Planing and profiling MDF edges


One of the main advantages of MDF over other wood based sheet materials is the ease of shaping panels and moulding edges ready for finishing to a high appearance standard with minimum sanding and filling. Almost any profile can be cut in MDF for applications in the furniture, fitment and building industries.




Simple profiles with curved edges are preferred because they can be sanded easily in preparation for finishing and, in heavy duty situations, have greater resistance to impact damage. Regardless of the complexity of the profiles, all sharp (ariss) edges should be slightly rounded to ensure good coverage of paint or lacquer and to increase the resistance of the finish to impact damage.


Carbide cutters

The softer K10 to K20 grades of carbide are used for brazed on inserts as the similarity of the coefficients of thermal expansion of these tool grades and the tool body material reduces the risk of cracking.

The introduction of disposable tips allows the harder K1 to K5 grades to be used with the advantages of good surface finish and long working life. Although these harder grades are more brittle and have lower resistance to damage by abrasion, the relatively low grit content of MDF ensures satisfactory performance.

The use of disposable tips is cost effective by virtue of reduced changeover times, maintenance of profiles and constant cutting diameter without the need for tool adjustment.

Polycrystalline diamond (PCD) cutters

PCD cutters are being used increasingly for large production runs. Although their initial cost is high, they outlast the corresponding carbide tooling by factors of 30 to 50 times provided they are used on controlled feed machines.

Shear cutting

Cutting impacts on the edges of MDF can be reduced by setting the cutter(s) at an angle of approximately 10° to provide a shear cutting action.

The use of solid profile or disposable tip blocks with pairs of top and bottom shear cutters will assist with efficient chip removal resulting in an improved finish of the MDF edges.

Cutter geometry


The angles for cutters used on MDF should be selected to achieve a balance between tool life and machined edge quality. A large cutting angle is required to ensure clean cutting with minimum wear of the cutting tip. A large clearance angle prevents the back of the cutter from rubbing against the machined edges. Increases in both these angles are however limited by the need to maintain an adequate thickness of metal at the tip.

Cutters for MDF are normally supplied with angles in the following ranges:

Cutting angle (a) 10 to 20°
Clearance angle (b) 20 to 22°




Feed speed

In order to machine edges requiring minimum sanding and filling, the feed speed should be selected to produce 8-10 cutter marks or scallops per cm compared with 6-8 marks per cm which would be acceptable in a typical wood machining operation. Recommended feed speeds which depend upon the number of cutters and the rotational speed of the block, can be calculated as follows:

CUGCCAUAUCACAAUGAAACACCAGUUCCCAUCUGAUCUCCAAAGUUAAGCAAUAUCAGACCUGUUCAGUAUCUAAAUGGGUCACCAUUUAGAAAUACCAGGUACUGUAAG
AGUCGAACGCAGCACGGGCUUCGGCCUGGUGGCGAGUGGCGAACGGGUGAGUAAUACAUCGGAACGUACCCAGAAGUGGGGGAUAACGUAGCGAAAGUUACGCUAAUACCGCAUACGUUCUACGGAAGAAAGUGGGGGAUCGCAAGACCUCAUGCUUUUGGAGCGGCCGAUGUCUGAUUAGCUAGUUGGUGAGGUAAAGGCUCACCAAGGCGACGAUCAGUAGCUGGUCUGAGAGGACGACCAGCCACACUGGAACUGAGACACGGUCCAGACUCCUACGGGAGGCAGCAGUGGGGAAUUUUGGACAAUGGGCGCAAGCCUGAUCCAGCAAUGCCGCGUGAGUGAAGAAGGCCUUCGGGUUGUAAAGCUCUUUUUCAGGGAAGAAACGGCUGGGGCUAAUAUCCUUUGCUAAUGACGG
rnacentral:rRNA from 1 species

RPM x No. of cutting edges

Feed speed (m/min) =



100 x cutter marks/cm

At lower feed speeds, the cutters will compress and abrade the MDF edges. The resulting high pressure on the tips and the increased temperature due to frictional heating will reduce the life of the cutters between sharpenings. At higher speeds, the greater spacing between cutter marks will increase surface roughness necessitating greater sanding effort to achieve the required level of smoothness before finishing.

Designs requiring heavy stock removal or intricate profiling may require a preliminary rough cutting or hogging operation followed by a second cut to achieve a smooth surface.



No. of
Cutting edges

Feed speed (m/min)
Giving 8 cutter marks/cm


3000 rpm

4500 rpm

6000 rpm















Cutters should be resharpened at appropriate intervals in order to ensure clean cut edges free from burnishing or fibre tear. Cutting and clearance angles should be maintained at each sharpening to prolong the life of the cutters. Cutters should be ground on the face only to minimise a reduction in cutting diameter. Carbide tipped tools should be rough ground with a 100 diamond grit wheel and then polished with a 400-600 wheel to increase cutter life by improving chip removal and reducing resin build up.

The time for resharpening can be estimated approximately by periodic examination of the cut edges. A more positive method requires the measurement of electric current to the drive motor. Assuming that the operating current with a new tool fitted is 100%, resharpening can be scheduled when the current increases by a predetermined amount, usually in the range 110 to 120%.